AC: You can do whatever you think is right from your own standpoint. The truth is there is mostly an instinctual thing with what you think is right. Once I make a choice then I go into a huge amount of research. Like in this film the research wasn’t so much about gadgetry and how the world would be in years to come. In this film the research was about bringing the perception that great minds have about the state of things today. I immerse myself into the different perceptions of what all these great minds have about what we perceive as reality today.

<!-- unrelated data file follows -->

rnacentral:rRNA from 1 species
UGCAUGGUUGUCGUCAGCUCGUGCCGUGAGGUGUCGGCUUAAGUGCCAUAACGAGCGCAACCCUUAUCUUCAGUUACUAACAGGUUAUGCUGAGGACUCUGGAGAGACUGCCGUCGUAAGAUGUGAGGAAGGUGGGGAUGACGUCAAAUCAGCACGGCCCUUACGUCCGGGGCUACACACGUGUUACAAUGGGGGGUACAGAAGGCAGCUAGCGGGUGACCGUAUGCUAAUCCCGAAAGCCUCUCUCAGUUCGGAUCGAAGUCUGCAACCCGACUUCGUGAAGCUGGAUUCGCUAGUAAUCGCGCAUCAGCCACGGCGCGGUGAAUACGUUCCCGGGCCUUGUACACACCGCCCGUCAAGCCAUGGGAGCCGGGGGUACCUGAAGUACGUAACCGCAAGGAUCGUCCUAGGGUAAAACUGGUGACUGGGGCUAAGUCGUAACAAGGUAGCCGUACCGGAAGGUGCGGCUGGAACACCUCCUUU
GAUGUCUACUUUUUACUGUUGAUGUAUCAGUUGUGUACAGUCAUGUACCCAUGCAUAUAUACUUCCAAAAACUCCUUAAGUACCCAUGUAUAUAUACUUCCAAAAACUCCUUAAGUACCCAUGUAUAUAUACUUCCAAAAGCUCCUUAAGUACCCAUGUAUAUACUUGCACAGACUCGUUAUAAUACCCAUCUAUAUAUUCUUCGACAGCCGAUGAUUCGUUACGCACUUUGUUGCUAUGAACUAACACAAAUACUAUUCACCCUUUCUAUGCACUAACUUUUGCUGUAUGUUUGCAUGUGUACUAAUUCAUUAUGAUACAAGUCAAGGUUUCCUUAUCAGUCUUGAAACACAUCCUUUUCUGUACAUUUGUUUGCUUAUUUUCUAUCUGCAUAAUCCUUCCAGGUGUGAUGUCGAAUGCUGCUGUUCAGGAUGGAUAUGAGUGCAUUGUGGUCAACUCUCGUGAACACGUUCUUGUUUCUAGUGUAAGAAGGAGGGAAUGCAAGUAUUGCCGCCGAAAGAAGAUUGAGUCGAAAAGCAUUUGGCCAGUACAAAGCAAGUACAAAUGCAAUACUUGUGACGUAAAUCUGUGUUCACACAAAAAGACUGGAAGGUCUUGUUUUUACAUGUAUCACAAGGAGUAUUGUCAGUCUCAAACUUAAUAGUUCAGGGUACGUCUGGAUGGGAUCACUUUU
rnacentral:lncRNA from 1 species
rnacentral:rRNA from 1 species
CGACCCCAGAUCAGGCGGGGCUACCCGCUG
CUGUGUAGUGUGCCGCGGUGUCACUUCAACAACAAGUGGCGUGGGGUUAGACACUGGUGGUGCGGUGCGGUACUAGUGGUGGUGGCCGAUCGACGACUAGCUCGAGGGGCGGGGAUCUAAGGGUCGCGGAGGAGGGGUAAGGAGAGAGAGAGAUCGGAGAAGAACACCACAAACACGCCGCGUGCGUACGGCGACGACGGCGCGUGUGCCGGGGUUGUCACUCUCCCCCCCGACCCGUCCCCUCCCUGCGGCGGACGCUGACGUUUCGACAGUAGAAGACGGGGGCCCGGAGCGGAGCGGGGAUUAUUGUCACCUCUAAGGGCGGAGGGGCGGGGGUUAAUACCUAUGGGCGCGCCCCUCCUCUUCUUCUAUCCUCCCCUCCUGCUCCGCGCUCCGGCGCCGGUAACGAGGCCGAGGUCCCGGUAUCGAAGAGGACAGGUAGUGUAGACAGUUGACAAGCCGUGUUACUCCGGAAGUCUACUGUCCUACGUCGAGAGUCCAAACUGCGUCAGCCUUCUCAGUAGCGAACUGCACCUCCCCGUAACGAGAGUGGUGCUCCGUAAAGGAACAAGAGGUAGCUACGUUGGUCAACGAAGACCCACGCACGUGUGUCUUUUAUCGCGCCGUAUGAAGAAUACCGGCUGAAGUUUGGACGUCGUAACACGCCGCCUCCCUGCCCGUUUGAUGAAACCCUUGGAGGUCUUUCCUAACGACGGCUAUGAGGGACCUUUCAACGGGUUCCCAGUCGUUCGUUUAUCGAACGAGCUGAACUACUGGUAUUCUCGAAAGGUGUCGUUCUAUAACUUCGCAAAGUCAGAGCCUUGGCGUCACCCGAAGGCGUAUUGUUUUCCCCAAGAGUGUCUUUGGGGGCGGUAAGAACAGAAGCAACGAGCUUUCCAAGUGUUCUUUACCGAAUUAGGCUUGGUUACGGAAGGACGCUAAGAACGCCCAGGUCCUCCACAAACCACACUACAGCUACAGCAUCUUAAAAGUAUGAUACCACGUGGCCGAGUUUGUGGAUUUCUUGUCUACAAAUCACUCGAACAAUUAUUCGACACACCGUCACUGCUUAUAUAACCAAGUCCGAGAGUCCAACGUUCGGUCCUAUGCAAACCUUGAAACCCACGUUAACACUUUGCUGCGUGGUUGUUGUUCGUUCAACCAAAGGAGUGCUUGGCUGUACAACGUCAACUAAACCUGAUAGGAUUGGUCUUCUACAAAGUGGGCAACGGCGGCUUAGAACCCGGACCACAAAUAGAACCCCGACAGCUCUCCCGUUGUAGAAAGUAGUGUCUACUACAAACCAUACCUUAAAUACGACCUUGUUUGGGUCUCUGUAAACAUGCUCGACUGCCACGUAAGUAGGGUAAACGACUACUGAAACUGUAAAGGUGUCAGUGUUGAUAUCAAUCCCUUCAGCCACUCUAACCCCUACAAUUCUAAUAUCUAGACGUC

Taking your ambition with this film into consideration is there ever a moment where you are worried about taking certain films on, such as films like Harry Potter and filmmaking techniques such as all the one shots in Children of Men?

AC: No, I cannot make a decision about what movie I am going to do from the standpoint of what is going to be good or bad for my career. I cannot act based on fear because then I make the wrong choices. I have to do make decisions on what my stomach, my heart is dictating. Now, once I make the decision, I become terrified. [laughing]

That’s what I am thinking with Children of Men and you making that decision to do it all in one…

AC: That is the fearless decision, I am going to make everything in one. Once you make the decision there is no way back and from then on you live terrified.

I would think so.